Taking Your Pet With You By Ferry
Travel by ferry or Eurotunnel with your vehicle and take ALL of the family, thanks to PETS, the Pet Travel Scheme
Find Your Ferry!
Travelling With Your Pet
For those of us who hate the thought of leaving our beloved pets at home while we go on holiday, the PETS Travel Scheme has been great, allowing us to bring the whole family on holiday. To go in or out of the UK you'll need an EU Pet Passport. The passport shows that your pet has been microchipped and had a rabies vaccination/booster.
The PETS scheme allows you to bring your pet with you providing you have all the necessary documents and vaccinations for them. You and your furry friends can enjoy your time onboard and avoid potentially costly kennel fees at the same time. Please note: the information on this page only refers to travelling with your pets; it is important that you make sure your holiday venue is pet-friendly before you book.
Make sure your pet has been microchipped and vaccinated against rabies 21 days before you travel. All dogs, cats and ferrets must have a pet passport (or third country official veterinary certificate) to enter or re-enter the UK. You get this from your vet.
To travel out of the UK, your pet will need:
- Pet passport or third country certificate confirming that they have been microchipped and an up-to-date rabies vaccination / booster. Your pet can not leave or re-enter the UK until 21 calendar days after the date of the rabies vaccination - the animal must be a minimum of 12 weeks old before being vaccinated, and rabies boosters must be kept up-to-date.
To return to the UK from the Continent, your pet will need:
- Dogs - A pet passport or third country certificate showing the dog has been treated against tapeworm not less than 24 hours, and not more than 120 hours before arrival in the UK. The vet MUST stamp the relevant page to show that treatment has been given (with date and time). Tick treatment is no longer required.
- Cats and Ferrets - A pet passport or third country certificate. Tick and tapeworm treatment is no longer needed.
- At the port or Eurotunnel terminal, you need to visit the Pet Control Centre to have your pet’s chip read and the Pet Passport scrutinised.
Tapeworm Treatment for Dogs
As mentioned above, dogs returning to the UK from France must have a tapeworm treatment from a vet a minimum of 24 hours and a maximum of 120 hours (5 days) before boarding the ferry or train back to the UK. It is a good idea to look into at least 2 vets clinics that will be easy for you to visit in this time frame on your return journey before you set out from the UK in the first place. Also be aware that just like in the UK, veternary clinics in Europe are more likely to be shut at the weekend and after about 5pm on weekdays, so it is probably a good idea to head to the vets with a couple of days to spare. Bear in mind that since your dog can not board the return ferry for 24 hours after receiving their tapeworm treatment it may be a good idea to find a vet that is local to your holiday destination, rather than one near the ports and get there a couple of days before you are due to return. This is a map of recommended vets in Europe - https://www.google.com/maps/d/edit?mid=zTPBDq9Df4L4.kSm3eLuvVb2g but please note that we provide this link for assistance only, and make no guarantee that it is up-to-date or accurate, so please check into the vets listed before you set out. Also important to note is that you must make sure that the vet stamps the record of this treatment in your pet's passport with an accurate note of the time and date before you leave their surgery. This information will be checked at the Pet Control Centre at the port/terminal and any inaccurate or missing information could mean that your pet is not allowed to travel.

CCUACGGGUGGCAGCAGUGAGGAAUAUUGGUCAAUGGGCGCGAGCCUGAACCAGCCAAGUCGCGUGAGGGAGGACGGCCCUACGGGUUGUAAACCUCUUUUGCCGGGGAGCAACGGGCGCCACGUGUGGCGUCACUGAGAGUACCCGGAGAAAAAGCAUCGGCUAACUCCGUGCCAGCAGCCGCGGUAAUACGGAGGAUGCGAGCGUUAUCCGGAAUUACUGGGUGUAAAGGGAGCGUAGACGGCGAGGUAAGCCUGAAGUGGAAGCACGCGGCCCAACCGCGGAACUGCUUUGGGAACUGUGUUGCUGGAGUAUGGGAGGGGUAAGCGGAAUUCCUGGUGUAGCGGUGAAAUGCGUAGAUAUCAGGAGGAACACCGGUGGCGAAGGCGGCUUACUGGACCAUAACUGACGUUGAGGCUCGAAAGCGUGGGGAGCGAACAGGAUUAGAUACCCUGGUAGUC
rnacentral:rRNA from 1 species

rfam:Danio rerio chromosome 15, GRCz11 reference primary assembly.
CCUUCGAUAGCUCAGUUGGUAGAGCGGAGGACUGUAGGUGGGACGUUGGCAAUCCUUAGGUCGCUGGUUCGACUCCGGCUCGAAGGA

On the Ferry or Eurotunnel
Eurotunnel is a great option for those travelling with pets; there are exercise facilities at the terminals as well as Pet Control Centres, and the journey time is very short so your animal should have no problem staying in your vehicle. However, ferry companies are increasingly aware that people want their pets to travel in comfort no matter how long the journey, so here are a few ideas for keeping them comfortable during your time onboard.
- Plan ahead - if your pet isn't used to long car journeys, take them out in the car a few times before the crossing, to let them get used to it.
- Be certain there is adequate ventilation in your vehicle, NEVER leave your pets inside a car without making sure the windows are open a little way